Two Thumbs Up for 14th Annual Miami Gay and Lesbian Film Festival
The Miami Gay and Lesbian Film Festival (MGLFF) will celebrate its 14th anniversary, April 27 - May 6, with more than 65 feature films, documentaries and shorts from 15 countries.
At the opening night reception, the festival will recognize country singer Chely Wright with the inaugural Lavender Heart Award, created to recognize an LGBT individual in the arts/entertainment industry who has demonstrated extreme acts of courage while promoting the community in a positive manner. Last year, Wright was one of the first country music stars to publicly come out of the closet. Wright recorded her struggle through intimate video diaries and interviews that were assembled into a documentary, Wish Me Away, that will be screened at the festival.
The festival board is also honoring MarkyG, the popular host of South Beach Dance Party on Y100 and Issues Over the Rainbow, a gay-themed interview program on the new Party 93.1 for more than four years. MarkyG will receive the Angel award for his significant impact on arts programs in the community.
In addition to individual screenings, MGLFF will be hosting six special events, including Opening Night, Made In Miami, Men’s & Women’s Works in Progress, Friday Night Spotlight and Closing Night. Most screenings take place at the Regal Cinema South Beach, Miami Beach Cinemateque and Coral Gables Art Cinema.
Ticket prices generally range from $7-8 in advance for festival members to $11-12 for non-members at the on-site box office during screenings. For membership information and a full film schedule, go to MGLFF.com or call 877-484-8499.
Here’s a look at some of the opening week highlights of the festival:
Opening Night Celebration
Friday, April 27, 6 p.m. reception, 8 p.m. screening, 10 p.m. party
Director Katie Wolf’s beautifully filmed coming out story takes place in the stunning setting of New Zealand. Based on the novel, Nights in the Gardens of Spain, by The Whale Rider author Witi Ihimaera, Kawa tells the story of a successful businessman who struggles with the strict traditional Maori culture as he tells his family and friends he’s gay.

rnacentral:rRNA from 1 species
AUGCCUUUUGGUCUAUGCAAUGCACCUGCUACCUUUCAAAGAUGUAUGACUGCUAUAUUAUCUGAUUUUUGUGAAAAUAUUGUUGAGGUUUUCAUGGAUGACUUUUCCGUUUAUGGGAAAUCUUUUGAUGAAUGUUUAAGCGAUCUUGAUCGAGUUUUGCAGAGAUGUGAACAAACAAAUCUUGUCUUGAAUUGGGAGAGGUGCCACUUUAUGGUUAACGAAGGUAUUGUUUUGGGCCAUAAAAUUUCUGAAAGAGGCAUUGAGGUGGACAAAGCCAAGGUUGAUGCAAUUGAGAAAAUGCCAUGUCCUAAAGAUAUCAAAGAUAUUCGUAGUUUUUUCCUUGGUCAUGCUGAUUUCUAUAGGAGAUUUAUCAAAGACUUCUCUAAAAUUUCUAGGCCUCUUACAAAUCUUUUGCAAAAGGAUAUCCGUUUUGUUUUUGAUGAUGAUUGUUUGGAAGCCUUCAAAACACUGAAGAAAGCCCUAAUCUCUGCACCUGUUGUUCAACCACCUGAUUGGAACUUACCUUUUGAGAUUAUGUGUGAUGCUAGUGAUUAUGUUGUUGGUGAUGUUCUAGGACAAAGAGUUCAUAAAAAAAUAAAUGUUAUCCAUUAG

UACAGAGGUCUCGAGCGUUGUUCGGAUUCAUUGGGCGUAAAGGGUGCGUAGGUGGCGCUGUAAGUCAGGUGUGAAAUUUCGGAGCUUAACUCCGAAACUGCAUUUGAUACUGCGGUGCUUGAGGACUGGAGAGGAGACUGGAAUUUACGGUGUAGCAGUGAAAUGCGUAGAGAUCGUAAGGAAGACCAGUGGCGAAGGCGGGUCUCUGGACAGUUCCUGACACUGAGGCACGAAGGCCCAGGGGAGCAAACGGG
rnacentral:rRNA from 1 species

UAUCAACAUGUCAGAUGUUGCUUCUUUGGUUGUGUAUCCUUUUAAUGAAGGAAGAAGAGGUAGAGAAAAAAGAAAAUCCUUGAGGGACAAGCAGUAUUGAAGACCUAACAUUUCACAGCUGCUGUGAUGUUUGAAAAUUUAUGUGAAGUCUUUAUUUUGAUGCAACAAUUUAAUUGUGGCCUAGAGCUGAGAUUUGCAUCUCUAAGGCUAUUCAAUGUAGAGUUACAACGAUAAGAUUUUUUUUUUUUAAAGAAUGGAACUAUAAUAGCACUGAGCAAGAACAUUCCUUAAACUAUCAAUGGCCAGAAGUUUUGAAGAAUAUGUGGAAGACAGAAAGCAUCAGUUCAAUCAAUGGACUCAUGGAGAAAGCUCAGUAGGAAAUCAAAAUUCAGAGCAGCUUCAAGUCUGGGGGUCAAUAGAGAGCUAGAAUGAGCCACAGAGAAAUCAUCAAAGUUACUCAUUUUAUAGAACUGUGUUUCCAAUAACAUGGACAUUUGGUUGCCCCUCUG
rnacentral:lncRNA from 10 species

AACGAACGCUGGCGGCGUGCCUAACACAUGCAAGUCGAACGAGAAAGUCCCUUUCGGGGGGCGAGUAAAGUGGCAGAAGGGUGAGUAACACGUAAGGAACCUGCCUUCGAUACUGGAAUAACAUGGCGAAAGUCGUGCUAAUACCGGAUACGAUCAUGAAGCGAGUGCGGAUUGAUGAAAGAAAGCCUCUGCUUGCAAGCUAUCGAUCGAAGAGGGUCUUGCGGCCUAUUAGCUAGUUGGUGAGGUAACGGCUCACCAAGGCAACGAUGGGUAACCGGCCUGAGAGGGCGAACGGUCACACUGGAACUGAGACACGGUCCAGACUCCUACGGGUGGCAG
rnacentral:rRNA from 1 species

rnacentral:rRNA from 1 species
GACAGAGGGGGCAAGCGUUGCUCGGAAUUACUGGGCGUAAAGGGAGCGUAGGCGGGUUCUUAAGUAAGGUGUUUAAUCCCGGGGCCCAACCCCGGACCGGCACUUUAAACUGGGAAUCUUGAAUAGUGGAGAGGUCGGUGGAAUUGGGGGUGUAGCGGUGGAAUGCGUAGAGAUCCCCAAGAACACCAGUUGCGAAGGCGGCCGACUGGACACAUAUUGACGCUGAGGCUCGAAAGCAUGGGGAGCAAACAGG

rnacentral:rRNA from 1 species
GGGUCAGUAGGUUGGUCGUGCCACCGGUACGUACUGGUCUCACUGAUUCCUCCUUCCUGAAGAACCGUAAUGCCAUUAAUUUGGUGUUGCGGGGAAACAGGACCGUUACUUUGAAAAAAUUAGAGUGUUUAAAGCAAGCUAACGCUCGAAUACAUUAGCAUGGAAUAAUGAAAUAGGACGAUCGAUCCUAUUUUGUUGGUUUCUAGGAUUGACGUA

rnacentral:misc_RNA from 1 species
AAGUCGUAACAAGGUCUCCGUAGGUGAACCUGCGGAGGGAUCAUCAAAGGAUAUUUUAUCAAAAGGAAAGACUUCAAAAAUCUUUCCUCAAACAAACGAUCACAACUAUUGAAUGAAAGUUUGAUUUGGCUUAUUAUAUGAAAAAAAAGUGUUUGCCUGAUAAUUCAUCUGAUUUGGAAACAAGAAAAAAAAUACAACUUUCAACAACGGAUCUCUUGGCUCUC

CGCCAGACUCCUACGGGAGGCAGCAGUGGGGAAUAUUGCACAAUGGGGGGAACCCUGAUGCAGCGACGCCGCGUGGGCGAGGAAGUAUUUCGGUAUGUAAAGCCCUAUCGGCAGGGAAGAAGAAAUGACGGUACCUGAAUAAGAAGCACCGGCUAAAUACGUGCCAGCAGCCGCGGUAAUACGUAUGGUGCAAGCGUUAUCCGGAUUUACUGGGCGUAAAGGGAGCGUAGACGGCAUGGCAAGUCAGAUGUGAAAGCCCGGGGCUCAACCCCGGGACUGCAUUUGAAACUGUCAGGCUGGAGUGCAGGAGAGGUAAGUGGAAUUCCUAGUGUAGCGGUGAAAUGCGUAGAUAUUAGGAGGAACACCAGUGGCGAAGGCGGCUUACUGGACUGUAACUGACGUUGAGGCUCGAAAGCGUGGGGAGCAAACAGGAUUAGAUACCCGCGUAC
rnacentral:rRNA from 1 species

Wish Me Away
Saturday, April 28, 1 p.m., Regal Cinema South Beach
This touching documentary follows award-winning country music singer Chely Wright through moving video diary entries, music videos and tearful interviews to create a moving portrait of the talented singer, who comes out in the most public way.
Saturday, April 28, 8:30 p.m., Regal Cinema South Beach
Newly paraplegic, Morgan is a young man who yearns to reclaim his life before the accident. But, after a chance encounter with Dean in a park, a budding relationship is sparked until Morgan enters a race as a wheelchair competitor. The danger involved pushes Morgan to the brink and forces him to make a difficult choice between his love and his need to conquer his disability.
Seventh Gay Adventists
Sunday, April 29, 3:30 p.m., Regal Cinema South Beach
This film follows three compelling Christians, all struggling to reconcile their love for God with their sexuality. Audiences are introduced to Marcos, who was fired for being gay, but wants to return to the pulpit; David, who loves Jesus, but also loves Colin; and Sherri, a lesbian who wants her kids to grow up to be good Seventh-Day Adventists.
Codependent Lesbian Space Alien Seeks Same
Sunday, April 29, 5:30 p.m., Regal Cinema South Beach
I don’t know if there’s such a thing as a classic "B" movie at a gay and lesbian film festival, but director Madeleine Olnek’s send up of silly sci-fi pics tracks the misadventures of three aliens sent to Earth to rid themselves of romantic emotions. It ends up somewhere between Mr. Spock and Dr. Spock along the way.
Unfit: Ward vs. Ward
Made in Miami, Monday, April 30, 7:30 p.m. Regal Cinema South Beach
This film from Carmichael, Edwin Scharlau and Penny Edmiston asked the question: Who is more fit to raise a child, a convicted murderer or a lesbian? Unfortunately, right here in Florida, a Pensacola judge ruled in 1995 that a father, a convicted killer, was more fit, even though he did not know what grade his daughter was in or what school she attended. The directors chronicle the story, but more importantly, the aftermath of this shocking verdict.